COVID-19 hospitalizations approach peak July numbers

By , Daily Memphian Updated: November 14, 2020 3:06 PM CT | Published: November 14, 2020 3:06 PM CT

As COVID-19 transmission rises again in Shelby County during the fall wave, current hospitalizations are approaching peak numbers not seen since late July.

New coronavirus cases remained stable over the past two weeks, but testing numbers declined leading to higher positivity rates countywide.

There are currently 376 people hospitalized with COVID-19 in Memphis-area hospitals, as of 5 p.m. Thursday, according to Tennessee’s Healthcare Resource Tracking System.

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That’s nearly 100 more than the 278 patients, two weeks ago. On the current trajectory, it may be a matter of days before the peak number of coronavirus hospitalizations of 384 on July 31 is matched or surpassed.

At a Thursday, Nov. 12 press briefing, Shelby County Health Department Director Alisa Haushalter said ongoing conversations are occurring with the Tennessee Health Department about when the former Commercial Appeal building site, now an alternate hospital, might need to be utilized.

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The alternate site has about 400 additional hospital beds for COVID-19 patients if they’re needed. Though potentially finding the staff for those beds remains a challenge, according to local public health experts.

From Oct. 31 to Saturday, the Shelby County Health Department recorded an average of 285 new cases and 3,228 tests performed each day with an 8.8% positivity rate.

That included two of the three highest daily increases to date with 566 new cases on Monday and 691 cases the following day. That’s contributed to the current seven-day average of 386 new cases a day.

In the previous two-week period from Oct. 17 to Oct. 31, the Health Department reported an average of 268 new coronavirus cases and 3,715 test results each day. That yielded a 7.2% positivity rate, 1.6% percentage points lower than this current two-week span.

Shelby County reports 354 new COVID-19 cases, 4 deaths

In total, the Health Department has reported 41,747 total coronavirus cases and 610 deaths, classifying 37,988 cases as inactive/recovered. Active cases in Shelby County stand at 3,149, an increase from the 2,918 reported Oct. 31.

Since March, a total of 596,893 coronavirus tests have been performed in Shelby County, with 8% of those returning positive. The number of people tested for coronavirus countywide is 338,471, and 12% of those test results came back positive.

Symptoms for coronavirus include, but are not limited to, fever or chills, cough, fatigue and shortness of breath, according to Centers for Disease Control and Prevention guidelines.

Wearing a mask or facial covering, remaining 6 feet apart from other people and washing hands for at least 20 seconds are several key strategies for slowing the virus’ spread.

We’re finding that a lot of our cases are occurring from people who are having symptoms but still feel the need to go to work, to attend school or to go a restaurant, to socialize. These are the major activities that seem to be contributing to the spread of the virus here in Shelby County.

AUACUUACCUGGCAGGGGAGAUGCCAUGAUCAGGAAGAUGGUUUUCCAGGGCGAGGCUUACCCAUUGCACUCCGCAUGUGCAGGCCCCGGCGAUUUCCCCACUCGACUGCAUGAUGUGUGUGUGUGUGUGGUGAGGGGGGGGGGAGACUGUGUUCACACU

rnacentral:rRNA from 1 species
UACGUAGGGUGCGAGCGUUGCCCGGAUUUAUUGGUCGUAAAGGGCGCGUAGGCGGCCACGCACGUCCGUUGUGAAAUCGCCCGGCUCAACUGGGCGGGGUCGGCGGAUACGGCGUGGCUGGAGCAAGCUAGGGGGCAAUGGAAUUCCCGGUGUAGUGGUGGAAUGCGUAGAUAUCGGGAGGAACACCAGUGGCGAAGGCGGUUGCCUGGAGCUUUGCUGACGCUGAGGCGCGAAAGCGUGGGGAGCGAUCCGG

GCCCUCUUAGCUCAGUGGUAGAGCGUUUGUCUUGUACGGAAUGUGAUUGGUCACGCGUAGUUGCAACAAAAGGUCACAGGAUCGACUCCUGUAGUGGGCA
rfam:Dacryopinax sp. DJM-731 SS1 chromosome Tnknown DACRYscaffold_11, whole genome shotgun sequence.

Dr. Bruce Randolph
Shelby County Health Department health officer

Dr. Bruce Randolph, Shelby County Health Department health officer, again encouraged those showing potential COVID symptoms or sick to remain at home until they are symptom-free.

“We’re finding that a lot of our cases are occurring from people who are having symptoms but still feel the need to go to work, to attend school or to go a restaurant, to socialize,” Randolph said. “These are the major activities that seem to be contributing to the spread of the virus here in Shelby County.”

Health Dept.: COVID cases stemming from symptomatic people not staying home

The local transmission rose back above one this week. It’s currently 1.09 compared to 0.96 last week, according to COVID Act Now.

Of the 376 COVID-19 hospital patients, 287 are in acute care beds, with the remaining 89 in the intensive care unit. Those who are COVID-positive or suspected of having the virus represent 14% of acute care patients and 25% of ICU patients.

Local hospital capacity for acute care beds is at 89% use, and ICU beds are at 90% occupancy. That remains consistent with capacity from two weeks ago, even as the number of coronavirus patients increases.

Hospital data is reflective of facilities in Shelby, Lauderdale and Tipton counties in Tennessee, Crittenden County in Arkansas, and DeSoto County in Mississippi.

Thirty-seven COVID-related deaths have been reported in the past two weeks by the Health Department compared to 25 from the preceding two-week period. Of the 610-total coronavirus-related deaths, 21% are attributed to outbreaks or clusters at nursing home facilities.

The average of death from coronavirus in Shelby County is 73, according to the Health Department. The age range of COVID-related deaths is 13 to 100.

Editor’s Note: The Daily Memphian is making our coronavirus coverage accessible to all readers — no subscription needed. Our journalists continue to work around the clock to provide you with the extensive coverage you need; if you can subscribe, please do


Shelby County Health Department Dr. Bruce Randolph hospital capacity coronavirus COVID-19
Omer Yusuf

Omer Yusuf

Omer Yusuf covers Bartlett and North Memphis neighborhoods for The Daily Memphian. He also analyzes COVID-19 data each week. Omer is a former Jackson Sun reporter and University of Memphis graduate.


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